Another day I will never forget.  I think my husband and I both knew what the outcome was going to be.  But when he told us that he thought our son needed intense in-home therapy for 25-30 hours a week?  It hit me like a ton of bricks.  I felt like I was going to throw up and I have no idea what he said after that.  He could see in my eyes that I was about to lose it so he grabbed the kleenex box and came to sit next to me.  He asked me if I was ok and I just started crying.  In that moment I had so many thoughts running through my head.  I was thinking about all the hopes and dreams I had for my son.  What will his future be like?  I was thinking about all of this therapy and how I was going to have strangers in my house every day for several hours.  How much our lives were going to change.  I was thinking about how it wasn't fair.  It's not fair that he has to spend 5-6 hours a day in therapy.  He's 3 years old.  He should be able to run around and play and get dirty and be a normal little boy.  But what had me most upset in that moment was the guilt.  Through the tears I told the doctor there's got to be something I did wrong.  I had a rough pregnancy with my third baby and I didn't give him enough attention during that time.  And now the baby is here and I'm breastfeeding and I'm not giving him enough.  I failed him.  That guilt that I felt (and let's be honest, I still have a lot) was just too much in that moment.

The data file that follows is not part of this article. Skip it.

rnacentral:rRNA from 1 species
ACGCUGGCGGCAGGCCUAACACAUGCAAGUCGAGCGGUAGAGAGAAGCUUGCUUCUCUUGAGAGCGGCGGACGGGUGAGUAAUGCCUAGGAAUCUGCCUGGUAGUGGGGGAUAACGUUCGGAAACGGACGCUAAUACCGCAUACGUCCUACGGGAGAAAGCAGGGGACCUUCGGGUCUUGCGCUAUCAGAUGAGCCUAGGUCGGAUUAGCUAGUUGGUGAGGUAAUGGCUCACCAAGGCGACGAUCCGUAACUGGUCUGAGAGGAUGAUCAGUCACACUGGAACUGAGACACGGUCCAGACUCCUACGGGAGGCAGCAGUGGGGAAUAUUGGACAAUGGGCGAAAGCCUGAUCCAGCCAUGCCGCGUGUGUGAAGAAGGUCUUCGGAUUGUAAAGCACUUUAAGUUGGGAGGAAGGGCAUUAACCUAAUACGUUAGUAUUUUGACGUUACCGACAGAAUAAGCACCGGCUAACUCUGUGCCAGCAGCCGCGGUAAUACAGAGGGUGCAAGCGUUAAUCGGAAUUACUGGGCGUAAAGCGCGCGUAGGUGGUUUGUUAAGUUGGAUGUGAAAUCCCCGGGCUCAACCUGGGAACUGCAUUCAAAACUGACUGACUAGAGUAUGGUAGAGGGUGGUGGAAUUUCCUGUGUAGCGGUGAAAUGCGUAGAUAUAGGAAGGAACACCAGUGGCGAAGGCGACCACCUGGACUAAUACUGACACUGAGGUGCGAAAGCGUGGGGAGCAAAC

The doctor took my hands, looked me in the eye and said to listen carefully.  It's ok to feel sad and to cry and be upset.  He told me to go home and have another good cry.  But then I need to get ready to fight.  My son needs me more than ever.  Things are going to be hard.  It's going to be a long road, but if I don't fight every day for my son, nobody else will either.  He told me that the process for getting him help at school and in therapy programs is frustrating and long.  My son is 3 years old and has so many positive things that he does.  The doctor told us that with this therapy and him being young, he believes he will see incredible progress.

So here we are, only 4 months later.  And let me tell you, I have fought for my son and I won't stop.  He recently started the in-home therapy and although it's very early, he is doing great.  I decided to start my own blog and Facebook page and document this new journey our family is on.  In these past few months, I have had a hard time sleeping at night.  I have so much on my mind so having this place to express myself is very therapeutic for me.  It also gives my family and friends a chance to keep up with his progress.  I also hope that maybe some day someone will find my blog who has a child recently diagnosed and be able to relate to what we're going through.